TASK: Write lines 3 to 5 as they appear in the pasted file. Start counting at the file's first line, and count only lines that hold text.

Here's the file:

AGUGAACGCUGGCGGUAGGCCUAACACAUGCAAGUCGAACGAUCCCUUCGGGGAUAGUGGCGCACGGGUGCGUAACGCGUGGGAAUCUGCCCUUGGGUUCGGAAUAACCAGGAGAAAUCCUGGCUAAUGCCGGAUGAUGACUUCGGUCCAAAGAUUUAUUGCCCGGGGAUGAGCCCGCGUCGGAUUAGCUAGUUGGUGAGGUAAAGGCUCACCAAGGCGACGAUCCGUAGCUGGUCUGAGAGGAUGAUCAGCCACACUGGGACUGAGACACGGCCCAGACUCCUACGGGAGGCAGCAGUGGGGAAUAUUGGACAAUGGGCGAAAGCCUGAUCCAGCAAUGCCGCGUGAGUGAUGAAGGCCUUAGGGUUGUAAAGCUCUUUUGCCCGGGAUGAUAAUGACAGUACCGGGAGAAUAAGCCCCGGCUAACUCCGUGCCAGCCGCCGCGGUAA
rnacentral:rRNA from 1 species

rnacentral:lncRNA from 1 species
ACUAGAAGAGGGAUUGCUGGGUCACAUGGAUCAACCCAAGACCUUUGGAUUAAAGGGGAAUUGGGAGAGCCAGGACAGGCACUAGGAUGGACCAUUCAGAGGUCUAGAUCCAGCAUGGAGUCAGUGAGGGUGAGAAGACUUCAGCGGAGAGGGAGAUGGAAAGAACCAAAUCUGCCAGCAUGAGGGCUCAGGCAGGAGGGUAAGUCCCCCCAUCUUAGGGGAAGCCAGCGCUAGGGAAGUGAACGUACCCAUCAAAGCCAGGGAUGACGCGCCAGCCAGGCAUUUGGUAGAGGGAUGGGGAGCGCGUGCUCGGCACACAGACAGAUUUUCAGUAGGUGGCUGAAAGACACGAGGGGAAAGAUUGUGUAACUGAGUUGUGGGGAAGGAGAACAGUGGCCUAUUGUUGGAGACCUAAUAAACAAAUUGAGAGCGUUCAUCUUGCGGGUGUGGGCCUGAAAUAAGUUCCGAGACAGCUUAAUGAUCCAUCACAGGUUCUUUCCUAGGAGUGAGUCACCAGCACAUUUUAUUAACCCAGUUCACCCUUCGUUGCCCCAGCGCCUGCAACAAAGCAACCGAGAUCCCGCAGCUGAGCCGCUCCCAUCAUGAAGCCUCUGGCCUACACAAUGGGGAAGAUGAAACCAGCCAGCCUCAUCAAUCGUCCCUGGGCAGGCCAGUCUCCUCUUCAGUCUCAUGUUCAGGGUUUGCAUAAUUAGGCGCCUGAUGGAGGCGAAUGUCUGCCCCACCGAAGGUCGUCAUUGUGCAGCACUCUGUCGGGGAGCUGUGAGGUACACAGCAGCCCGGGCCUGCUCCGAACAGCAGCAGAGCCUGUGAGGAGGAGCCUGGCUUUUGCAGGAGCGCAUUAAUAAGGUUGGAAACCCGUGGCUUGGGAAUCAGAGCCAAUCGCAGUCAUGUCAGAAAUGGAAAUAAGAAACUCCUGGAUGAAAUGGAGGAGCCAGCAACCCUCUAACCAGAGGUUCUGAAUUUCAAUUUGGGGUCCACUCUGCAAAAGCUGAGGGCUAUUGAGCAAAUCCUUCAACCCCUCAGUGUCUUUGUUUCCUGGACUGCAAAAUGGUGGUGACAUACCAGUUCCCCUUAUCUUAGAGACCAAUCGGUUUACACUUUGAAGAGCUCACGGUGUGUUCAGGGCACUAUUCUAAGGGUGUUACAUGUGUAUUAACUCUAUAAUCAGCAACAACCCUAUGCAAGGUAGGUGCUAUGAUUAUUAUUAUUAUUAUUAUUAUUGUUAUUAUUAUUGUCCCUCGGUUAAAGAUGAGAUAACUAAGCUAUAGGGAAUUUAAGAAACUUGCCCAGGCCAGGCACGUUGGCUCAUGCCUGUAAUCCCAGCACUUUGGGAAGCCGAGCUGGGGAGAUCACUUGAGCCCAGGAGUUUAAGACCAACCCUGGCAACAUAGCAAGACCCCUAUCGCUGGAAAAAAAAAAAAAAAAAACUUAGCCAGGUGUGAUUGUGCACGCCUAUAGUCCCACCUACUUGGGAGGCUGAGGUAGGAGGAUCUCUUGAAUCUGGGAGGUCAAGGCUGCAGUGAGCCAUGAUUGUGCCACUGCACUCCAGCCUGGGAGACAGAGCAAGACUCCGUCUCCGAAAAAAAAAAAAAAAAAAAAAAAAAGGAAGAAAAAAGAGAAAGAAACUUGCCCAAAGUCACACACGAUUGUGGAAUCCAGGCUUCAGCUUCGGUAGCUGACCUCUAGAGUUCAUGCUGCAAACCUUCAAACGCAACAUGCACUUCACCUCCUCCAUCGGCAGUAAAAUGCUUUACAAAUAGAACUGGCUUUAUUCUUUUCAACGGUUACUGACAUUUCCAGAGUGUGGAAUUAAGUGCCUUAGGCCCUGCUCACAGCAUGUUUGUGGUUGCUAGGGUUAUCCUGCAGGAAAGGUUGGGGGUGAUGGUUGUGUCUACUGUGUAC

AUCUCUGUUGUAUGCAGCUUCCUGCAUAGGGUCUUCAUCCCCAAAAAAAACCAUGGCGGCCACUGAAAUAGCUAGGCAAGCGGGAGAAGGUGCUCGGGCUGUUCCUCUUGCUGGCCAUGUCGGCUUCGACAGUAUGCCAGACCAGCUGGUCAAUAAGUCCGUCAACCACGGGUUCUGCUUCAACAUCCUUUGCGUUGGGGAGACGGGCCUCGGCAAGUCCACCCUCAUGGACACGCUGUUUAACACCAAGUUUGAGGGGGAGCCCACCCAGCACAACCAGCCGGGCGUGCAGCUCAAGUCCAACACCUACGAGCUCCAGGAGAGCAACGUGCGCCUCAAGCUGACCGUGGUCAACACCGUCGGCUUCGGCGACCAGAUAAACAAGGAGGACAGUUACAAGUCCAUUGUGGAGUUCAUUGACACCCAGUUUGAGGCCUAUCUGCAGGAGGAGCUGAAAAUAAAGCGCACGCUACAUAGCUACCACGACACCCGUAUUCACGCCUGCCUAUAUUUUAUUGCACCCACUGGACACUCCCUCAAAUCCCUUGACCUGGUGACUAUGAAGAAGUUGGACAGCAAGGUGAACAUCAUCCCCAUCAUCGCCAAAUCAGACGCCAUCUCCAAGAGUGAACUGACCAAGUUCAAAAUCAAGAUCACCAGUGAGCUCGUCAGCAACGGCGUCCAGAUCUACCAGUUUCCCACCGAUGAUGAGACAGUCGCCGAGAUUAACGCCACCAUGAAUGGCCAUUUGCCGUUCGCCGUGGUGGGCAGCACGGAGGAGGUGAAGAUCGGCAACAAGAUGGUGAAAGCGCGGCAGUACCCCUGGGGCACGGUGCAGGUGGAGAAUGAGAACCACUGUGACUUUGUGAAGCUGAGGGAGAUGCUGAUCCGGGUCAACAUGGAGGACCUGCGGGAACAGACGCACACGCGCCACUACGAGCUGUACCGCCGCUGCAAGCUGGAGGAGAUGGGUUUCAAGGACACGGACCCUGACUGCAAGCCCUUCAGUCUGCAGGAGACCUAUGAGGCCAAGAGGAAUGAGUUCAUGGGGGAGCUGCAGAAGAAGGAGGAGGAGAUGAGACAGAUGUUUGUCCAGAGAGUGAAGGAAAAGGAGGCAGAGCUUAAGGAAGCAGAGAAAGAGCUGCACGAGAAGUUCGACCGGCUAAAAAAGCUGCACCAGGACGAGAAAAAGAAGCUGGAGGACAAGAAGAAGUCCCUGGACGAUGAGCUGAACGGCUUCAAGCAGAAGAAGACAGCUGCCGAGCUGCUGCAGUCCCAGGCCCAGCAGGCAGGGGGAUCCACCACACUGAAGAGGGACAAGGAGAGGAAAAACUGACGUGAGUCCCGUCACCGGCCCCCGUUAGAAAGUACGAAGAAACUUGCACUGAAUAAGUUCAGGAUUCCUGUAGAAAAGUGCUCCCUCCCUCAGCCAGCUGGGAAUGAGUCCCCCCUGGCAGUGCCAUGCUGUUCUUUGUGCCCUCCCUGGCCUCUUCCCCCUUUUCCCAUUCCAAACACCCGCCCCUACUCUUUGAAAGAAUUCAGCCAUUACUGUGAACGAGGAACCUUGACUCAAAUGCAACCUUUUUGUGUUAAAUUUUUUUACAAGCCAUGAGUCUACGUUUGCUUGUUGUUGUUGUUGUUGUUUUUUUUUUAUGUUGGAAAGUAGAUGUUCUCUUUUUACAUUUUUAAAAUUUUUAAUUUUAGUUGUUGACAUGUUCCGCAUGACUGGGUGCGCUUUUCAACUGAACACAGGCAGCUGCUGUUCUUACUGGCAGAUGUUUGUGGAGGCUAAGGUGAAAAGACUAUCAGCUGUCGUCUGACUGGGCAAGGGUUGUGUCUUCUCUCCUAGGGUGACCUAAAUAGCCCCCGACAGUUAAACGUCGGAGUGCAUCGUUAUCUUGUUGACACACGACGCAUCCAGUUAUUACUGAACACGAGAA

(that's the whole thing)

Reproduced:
rnacentral:lncRNA from 1 species
ACUAGAAGAGGGAUUGCUGGGUCACAUGGAUCAACCCAAGACCUUUGGAUUAAAGGGGAAUUGGGAGAGCCAGGACAGGCACUAGGAUGGACCAUUCAGAGGUCUAGAUCCAGCAUGGAGUCAGUGAGGGUGAGAAGACUUCAGCGGAGAGGGAGAUGGAAAGAACCAAAUCUGCCAGCAUGAGGGCUCAGGCAGGAGGGUAAGUCCCCCCAUCUUAGGGGAAGCCAGCGCUAGGGAAGUGAACGUACCCAUCAAAGCCAGGGAUGACGCGCCAGCCAGGCAUUUGGUAGAGGGAUGGGGAGCGCGUGCUCGGCACACAGACAGAUUUUCAGUAGGUGGCUGAAAGACACGAGGGGAAAGAUUGUGUAACUGAGUUGUGGGGAAGGAGAACAGUGGCCUAUUGUUGGAGACCUAAUAAACAAAUUGAGAGCGUUCAUCUUGCGGGUGUGGGCCUGAAAUAAGUUCCGAGACAGCUUAAUGAUCCAUCACAGGUUCUUUCCUAGGAGUGAGUCACCAGCACAUUUUAUUAACCCAGUUCACCCUUCGUUGCCCCAGCGCCUGCAACAAAGCAACCGAGAUCCCGCAGCUGAGCCGCUCCCAUCAUGAAGCCUCUGGCCUACACAAUGGGGAAGAUGAAACCAGCCAGCCUCAUCAAUCGUCCCUGGGCAGGCCAGUCUCCUCUUCAGUCUCAUGUUCAGGGUUUGCAUAAUUAGGCGCCUGAUGGAGGCGAAUGUCUGCCCCACCGAAGGUCGUCAUUGUGCAGCACUCUGUCGGGGAGCUGUGAGGUACACAGCAGCCCGGGCCUGCUCCGAACAGCAGCAGAGCCUGUGAGGAGGAGCCUGGCUUUUGCAGGAGCGCAUUAAUAAGGUUGGAAACCCGUGGCUUGGGAAUCAGAGCCAAUCGCAGUCAUGUCAGAAAUGGAAAUAAGAAACUCCUGGAUGAAAUGGAGGAGCCAGCAACCCUCUAACCAGAGGUUCUGAAUUUCAAUUUGGGGUCCACUCUGCAAAAGCUGAGGGCUAUUGAGCAAAUCCUUCAACCCCUCAGUGUCUUUGUUUCCUGGACUGCAAAAUGGUGGUGACAUACCAGUUCCCCUUAUCUUAGAGACCAAUCGGUUUACACUUUGAAGAGCUCACGGUGUGUUCAGGGCACUAUUCUAAGGGUGUUACAUGUGUAUUAACUCUAUAAUCAGCAACAACCCUAUGCAAGGUAGGUGCUAUGAUUAUUAUUAUUAUUAUUAUUAUUGUUAUUAUUAUUGUCCCUCGGUUAAAGAUGAGAUAACUAAGCUAUAGGGAAUUUAAGAAACUUGCCCAGGCCAGGCACGUUGGCUCAUGCCUGUAAUCCCAGCACUUUGGGAAGCCGAGCUGGGGAGAUCACUUGAGCCCAGGAGUUUAAGACCAACCCUGGCAACAUAGCAAGACCCCUAUCGCUGGAAAAAAAAAAAAAAAAAACUUAGCCAGGUGUGAUUGUGCACGCCUAUAGUCCCACCUACUUGGGAGGCUGAGGUAGGAGGAUCUCUUGAAUCUGGGAGGUCAAGGCUGCAGUGAGCCAUGAUUGUGCCACUGCACUCCAGCCUGGGAGACAGAGCAAGACUCCGUCUCCGAAAAAAAAAAAAAAAAAAAAAAAAAGGAAGAAAAAAGAGAAAGAAACUUGCCCAAAGUCACACACGAUUGUGGAAUCCAGGCUUCAGCUUCGGUAGCUGACCUCUAGAGUUCAUGCUGCAAACCUUCAAACGCAACAUGCACUUCACCUCCUCCAUCGGCAGUAAAAUGCUUUACAAAUAGAACUGGCUUUAUUCUUUUCAACGGUUACUGACAUUUCCAGAGUGUGGAAUUAAGUGCCUUAGGCCCUGCUCACAGCAUGUUUGUGGUUGCUAGGGUUAUCCUGCAGGAAAGGUUGGGGGUGAUGGUUGUGUCUACUGUGUAC

AUCUCUGUUGUAUGCAGCUUCCUGCAUAGGGUCUUCAUCCCCAAAAAAAACCAUGGCGGCCACUGAAAUAGCUAGGCAAGCGGGAGAAGGUGCUCGGGCUGUUCCUCUUGCUGGCCAUGUCGGCUUCGACAGUAUGCCAGACCAGCUGGUCAAUAAGUCCGUCAACCACGGGUUCUGCUUCAACAUCCUUUGCGUUGGGGAGACGGGCCUCGGCAAGUCCACCCUCAUGGACACGCUGUUUAACACCAAGUUUGAGGGGGAGCCCACCCAGCACAACCAGCCGGGCGUGCAGCUCAAGUCCAACACCUACGAGCUCCAGGAGAGCAACGUGCGCCUCAAGCUGACCGUGGUCAACACCGUCGGCUUCGGCGACCAGAUAAACAAGGAGGACAGUUACAAGUCCAUUGUGGAGUUCAUUGACACCCAGUUUGAGGCCUAUCUGCAGGAGGAGCUGAAAAUAAAGCGCACGCUACAUAGCUACCACGACACCCGUAUUCACGCCUGCCUAUAUUUUAUUGCACCCACUGGACACUCCCUCAAAUCCCUUGACCUGGUGACUAUGAAGAAGUUGGACAGCAAGGUGAACAUCAUCCCCAUCAUCGCCAAAUCAGACGCCAUCUCCAAGAGUGAACUGACCAAGUUCAAAAUCAAGAUCACCAGUGAGCUCGUCAGCAACGGCGUCCAGAUCUACCAGUUUCCCACCGAUGAUGAGACAGUCGCCGAGAUUAACGCCACCAUGAAUGGCCAUUUGCCGUUCGCCGUGGUGGGCAGCACGGAGGAGGUGAAGAUCGGCAACAAGAUGGUGAAAGCGCGGCAGUACCCCUGGGGCACGGUGCAGGUGGAGAAUGAGAACCACUGUGACUUUGUGAAGCUGAGGGAGAUGCUGAUCCGGGUCAACAUGGAGGACCUGCGGGAACAGACGCACACGCGCCACUACGAGCUGUACCGCCGCUGCAAGCUGGAGGAGAUGGGUUUCAAGGACACGGACCCUGACUGCAAGCCCUUCAGUCUGCAGGAGACCUAUGAGGCCAAGAGGAAUGAGUUCAUGGGGGAGCUGCAGAAGAAGGAGGAGGAGAUGAGACAGAUGUUUGUCCAGAGAGUGAAGGAAAAGGAGGCAGAGCUUAAGGAAGCAGAGAAAGAGCUGCACGAGAAGUUCGACCGGCUAAAAAAGCUGCACCAGGACGAGAAAAAGAAGCUGGAGGACAAGAAGAAGUCCCUGGACGAUGAGCUGAACGGCUUCAAGCAGAAGAAGACAGCUGCCGAGCUGCUGCAGUCCCAGGCCCAGCAGGCAGGGGGAUCCACCACACUGAAGAGGGACAAGGAGAGGAAAAACUGACGUGAGUCCCGUCACCGGCCCCCGUUAGAAAGUACGAAGAAACUUGCACUGAAUAAGUUCAGGAUUCCUGUAGAAAAGUGCUCCCUCCCUCAGCCAGCUGGGAAUGAGUCCCCCCUGGCAGUGCCAUGCUGUUCUUUGUGCCCUCCCUGGCCUCUUCCCCCUUUUCCCAUUCCAAACACCCGCCCCUACUCUUUGAAAGAAUUCAGCCAUUACUGUGAACGAGGAACCUUGACUCAAAUGCAACCUUUUUGUGUUAAAUUUUUUUACAAGCCAUGAGUCUACGUUUGCUUGUUGUUGUUGUUGUUGUUUUUUUUUUAUGUUGGAAAGUAGAUGUUCUCUUUUUACAUUUUUAAAAUUUUUAAUUUUAGUUGUUGACAUGUUCCGCAUGACUGGGUGCGCUUUUCAACUGAACACAGGCAGCUGCUGUUCUUACUGGCAGAUGUUUGUGGAGGCUAAGGUGAAAAGACUAUCAGCUGUCGUCUGACUGGGCAAGGGUUGUGUCUUCUCUCCUAGGGUGACCUAAAUAGCCCCCGACAGUUAAACGUCGGAGUGCAUCGUUAUCUUGUUGACACACGACGCAUCCAGUUAUUACUGAACACGAGAA